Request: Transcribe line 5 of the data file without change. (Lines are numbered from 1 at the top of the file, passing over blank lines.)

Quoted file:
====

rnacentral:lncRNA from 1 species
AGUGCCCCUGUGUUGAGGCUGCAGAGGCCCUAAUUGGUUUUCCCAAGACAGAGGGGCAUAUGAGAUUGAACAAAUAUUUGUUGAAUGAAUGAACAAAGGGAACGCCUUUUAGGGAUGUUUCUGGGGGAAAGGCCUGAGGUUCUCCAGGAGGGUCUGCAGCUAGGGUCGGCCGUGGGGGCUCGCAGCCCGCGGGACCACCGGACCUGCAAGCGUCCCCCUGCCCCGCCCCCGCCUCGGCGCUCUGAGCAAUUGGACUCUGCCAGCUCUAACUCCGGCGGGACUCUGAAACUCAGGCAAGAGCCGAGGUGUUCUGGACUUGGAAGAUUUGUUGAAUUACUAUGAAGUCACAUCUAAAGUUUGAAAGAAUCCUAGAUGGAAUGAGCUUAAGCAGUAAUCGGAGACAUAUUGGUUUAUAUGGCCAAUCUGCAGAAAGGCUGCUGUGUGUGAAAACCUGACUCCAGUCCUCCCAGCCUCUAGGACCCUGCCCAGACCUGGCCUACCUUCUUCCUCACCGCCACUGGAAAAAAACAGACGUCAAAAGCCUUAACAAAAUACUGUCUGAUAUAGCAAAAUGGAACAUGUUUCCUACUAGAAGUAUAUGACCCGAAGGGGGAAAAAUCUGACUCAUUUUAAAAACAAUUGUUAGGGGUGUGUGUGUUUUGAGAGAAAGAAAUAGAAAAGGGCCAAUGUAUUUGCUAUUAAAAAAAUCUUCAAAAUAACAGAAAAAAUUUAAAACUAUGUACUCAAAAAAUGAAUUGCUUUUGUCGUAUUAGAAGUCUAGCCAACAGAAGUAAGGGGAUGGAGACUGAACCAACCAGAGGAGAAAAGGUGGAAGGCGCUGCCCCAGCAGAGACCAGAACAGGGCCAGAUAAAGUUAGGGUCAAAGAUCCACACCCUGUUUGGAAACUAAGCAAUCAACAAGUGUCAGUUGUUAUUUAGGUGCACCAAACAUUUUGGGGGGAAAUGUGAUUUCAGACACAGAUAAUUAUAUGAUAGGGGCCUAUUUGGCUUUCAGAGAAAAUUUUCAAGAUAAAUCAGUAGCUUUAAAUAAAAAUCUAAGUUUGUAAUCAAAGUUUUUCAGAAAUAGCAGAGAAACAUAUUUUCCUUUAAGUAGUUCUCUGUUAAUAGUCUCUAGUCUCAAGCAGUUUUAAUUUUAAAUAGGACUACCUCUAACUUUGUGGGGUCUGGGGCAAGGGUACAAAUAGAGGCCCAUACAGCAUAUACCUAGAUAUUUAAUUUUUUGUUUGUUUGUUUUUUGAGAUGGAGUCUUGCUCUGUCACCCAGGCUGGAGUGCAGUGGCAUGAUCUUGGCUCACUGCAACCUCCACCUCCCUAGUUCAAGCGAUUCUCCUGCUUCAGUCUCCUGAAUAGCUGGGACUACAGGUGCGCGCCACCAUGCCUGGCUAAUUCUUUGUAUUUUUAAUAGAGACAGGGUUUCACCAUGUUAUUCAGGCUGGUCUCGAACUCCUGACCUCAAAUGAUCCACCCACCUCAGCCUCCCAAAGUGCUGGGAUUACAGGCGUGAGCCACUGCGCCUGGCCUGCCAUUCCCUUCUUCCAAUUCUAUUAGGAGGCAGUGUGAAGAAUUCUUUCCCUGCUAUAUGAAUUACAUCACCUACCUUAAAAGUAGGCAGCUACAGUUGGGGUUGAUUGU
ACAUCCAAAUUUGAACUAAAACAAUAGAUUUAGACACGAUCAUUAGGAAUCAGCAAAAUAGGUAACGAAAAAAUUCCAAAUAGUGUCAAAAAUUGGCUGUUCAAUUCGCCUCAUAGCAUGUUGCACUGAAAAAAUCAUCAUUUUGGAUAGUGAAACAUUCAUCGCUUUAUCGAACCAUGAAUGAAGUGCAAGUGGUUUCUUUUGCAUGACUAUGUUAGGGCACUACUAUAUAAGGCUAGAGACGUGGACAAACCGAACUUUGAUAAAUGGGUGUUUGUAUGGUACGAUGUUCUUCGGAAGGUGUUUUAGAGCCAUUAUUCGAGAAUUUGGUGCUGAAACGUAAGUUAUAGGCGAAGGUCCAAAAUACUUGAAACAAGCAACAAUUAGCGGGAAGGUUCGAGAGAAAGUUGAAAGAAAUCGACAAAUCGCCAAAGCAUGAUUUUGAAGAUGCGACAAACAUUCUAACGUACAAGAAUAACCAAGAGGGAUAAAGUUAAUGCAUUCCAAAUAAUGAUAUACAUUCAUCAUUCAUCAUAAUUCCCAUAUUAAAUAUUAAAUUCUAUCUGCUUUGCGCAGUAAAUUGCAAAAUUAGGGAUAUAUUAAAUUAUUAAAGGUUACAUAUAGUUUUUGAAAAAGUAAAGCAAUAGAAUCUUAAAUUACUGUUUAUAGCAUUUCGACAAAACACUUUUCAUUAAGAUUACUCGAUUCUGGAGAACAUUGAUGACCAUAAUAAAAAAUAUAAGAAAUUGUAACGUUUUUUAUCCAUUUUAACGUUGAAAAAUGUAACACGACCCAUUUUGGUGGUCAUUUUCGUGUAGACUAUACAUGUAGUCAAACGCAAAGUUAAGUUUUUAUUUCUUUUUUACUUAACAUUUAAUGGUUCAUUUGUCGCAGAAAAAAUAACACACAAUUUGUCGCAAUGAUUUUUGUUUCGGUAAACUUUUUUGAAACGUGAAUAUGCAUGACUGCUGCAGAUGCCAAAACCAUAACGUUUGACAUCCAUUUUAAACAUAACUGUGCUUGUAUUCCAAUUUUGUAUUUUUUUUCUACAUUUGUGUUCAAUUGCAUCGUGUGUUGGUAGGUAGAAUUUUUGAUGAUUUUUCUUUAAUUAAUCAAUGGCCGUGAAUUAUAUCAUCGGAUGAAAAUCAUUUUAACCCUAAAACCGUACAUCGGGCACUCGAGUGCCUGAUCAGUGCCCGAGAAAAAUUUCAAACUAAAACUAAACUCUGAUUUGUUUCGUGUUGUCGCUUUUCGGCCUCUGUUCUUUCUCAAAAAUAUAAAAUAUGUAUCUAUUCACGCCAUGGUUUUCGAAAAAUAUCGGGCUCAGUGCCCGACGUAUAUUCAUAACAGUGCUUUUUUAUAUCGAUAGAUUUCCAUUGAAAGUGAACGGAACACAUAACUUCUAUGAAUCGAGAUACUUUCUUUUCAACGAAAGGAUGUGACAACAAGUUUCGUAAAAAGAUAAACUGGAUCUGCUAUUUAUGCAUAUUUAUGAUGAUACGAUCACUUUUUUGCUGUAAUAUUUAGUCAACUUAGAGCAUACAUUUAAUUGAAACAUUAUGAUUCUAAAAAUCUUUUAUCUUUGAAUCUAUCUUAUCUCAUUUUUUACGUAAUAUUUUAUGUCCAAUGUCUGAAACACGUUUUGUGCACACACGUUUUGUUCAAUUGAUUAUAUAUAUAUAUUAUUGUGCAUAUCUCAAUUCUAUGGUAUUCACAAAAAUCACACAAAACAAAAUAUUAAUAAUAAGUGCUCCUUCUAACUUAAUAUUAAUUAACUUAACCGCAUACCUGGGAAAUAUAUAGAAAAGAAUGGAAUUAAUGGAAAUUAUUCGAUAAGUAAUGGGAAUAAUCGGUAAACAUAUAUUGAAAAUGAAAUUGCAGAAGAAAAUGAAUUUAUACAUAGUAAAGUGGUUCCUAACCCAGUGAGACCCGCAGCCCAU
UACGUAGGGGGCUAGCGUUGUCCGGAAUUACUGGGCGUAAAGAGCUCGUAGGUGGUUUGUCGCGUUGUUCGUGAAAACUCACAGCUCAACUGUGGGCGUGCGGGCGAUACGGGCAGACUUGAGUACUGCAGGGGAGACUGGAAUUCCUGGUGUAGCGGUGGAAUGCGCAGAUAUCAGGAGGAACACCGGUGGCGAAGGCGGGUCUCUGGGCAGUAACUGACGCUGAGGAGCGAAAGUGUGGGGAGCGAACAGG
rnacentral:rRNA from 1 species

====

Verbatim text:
rnacentral:rRNA from 1 species